64 Matthew Angelo Harrison


Born Detroit, 1989 / BFA, School of the Art Institute of Chicago / Lives in Detroit

Some time ago a camel was shot. Later, artist Matthew Harrison acquired the animal’s right shoulder bone, complete with a ragged pre-existing bullet hole, and CNC cut a 130 mm diameter cylindrical through-hole, creating the sculpture Untitled (2015). Harrison’s simple intervention leads to a number of profound comparisons. First, the cut hole is jarringly precise, but still crude relative to the free-flowing shape of the bone. If the cut hole is a surrogate for man’s technical prowess, then it is also a reminder of how unsophisticated our engineering skills remain in relation to those of nature. Second, and this may be closer to the artist’s intentions, the physical violence of the gunshot hole seems archaic in comparison to the surgical symbolic-violence of the cut hole. If the gunshot hole symbolizes a period from the late-colonial era onwards, the cut hole can only point to the digital age.

In his sculptures, Harrison uses large-animal bones to symbolize the exotic, both in a general sense, and more specifically for him as a twenty-something African-American artist who grew up in Grosse Pointe. He is undoubtedly aware that exoticism has, historically, often been conflated with race, but seems to be making the point that it is more accurately a function of the viewer’s perspective – and that race is irrelevant. Harrison’s relationship to technology also shows an interesting perspective. He works in the design studios at Ford Motor Company, and clearly this has been an important formative influence on his art practice, providing him with a working level familiarity with advanced technological systems and processes that might seem abstract (or even exotic) to most artists.

An important overlap between Harrison’s artistic life and his day job at the design studio is the idea of the prototype. In a concept that informs his artwork, he talks of “everything being a prototype – for something that follows.” His world view is an all-encompassing one of systems in constant flux, multiple perspectives on reality, and consequences that result from both physical laws and socially constructed codes – including those that exist specifically for him as a black man in a society where race is not a negligible factor.

For his 2016 exhibition at the Museum of Contemporary Art Detroit, as part of the Detroit Affinities series, Harrison designed, built, and operated two 3D printers, aka “rapid prototyping” devices. As an artist, he conceived the 3D printers as sculptural objects, with form clearly following function. In operation, the printed object is built up from layers of clay, squeezed like toothpaste as the printer head is moved in three coordinate directions. The selection of clay as the printed material results in considerable dimensional variation, and effectively prevents reproducible results. It is, as he puts it, “the weather” in the tiny worlds that he sets up – something out of his control.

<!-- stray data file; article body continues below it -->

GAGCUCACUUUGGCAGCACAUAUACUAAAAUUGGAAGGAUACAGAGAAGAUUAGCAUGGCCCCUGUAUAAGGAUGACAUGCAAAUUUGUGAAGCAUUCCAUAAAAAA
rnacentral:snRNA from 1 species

In preparing for the installation/performance (which he titled Consequence of Platforms), Harrison created an initial 3-dimensional scan of a tourist-trade African mask. Then, over the almost four month duration of the show, he went through a cyclic process of printing the mask, scanning the resulting object, and then re-printing the mask. Predictably, with each iteration the resulting shape diverged further from that of the original object. The overall process can be thought of as a metaphor for the attenuation of cultural memory with time. More specifically, for Harrison, it might represent a model for the divergence over time between African-American and African culture.

Surrounding the 3-d printing machines, at close to ground level, were further modified large-animal bones. For example, Hole 1.005. The Consequence of Synthetic Apertures (2016), contains a zebra skull with a cut cylindrical hole mounted in an acrylic case. On closer inspection, there are small smears of automotive clay on the surface of the bone. These are not a gesture applied by the artist, but rather residues of the machining method that requires the bone to be encapsulated for support during cutting. It is an example of Harrison’s ethos of making his processes transparent – nothing hidden. It is hard to predict where his work will go from here, but it seems safe to assume that it will be ambitious, grounded in (his) reality, and, even if the evidence for it is sometimes subtle, imbued with more than a trace of idealism.

Steve Panton, January 2017

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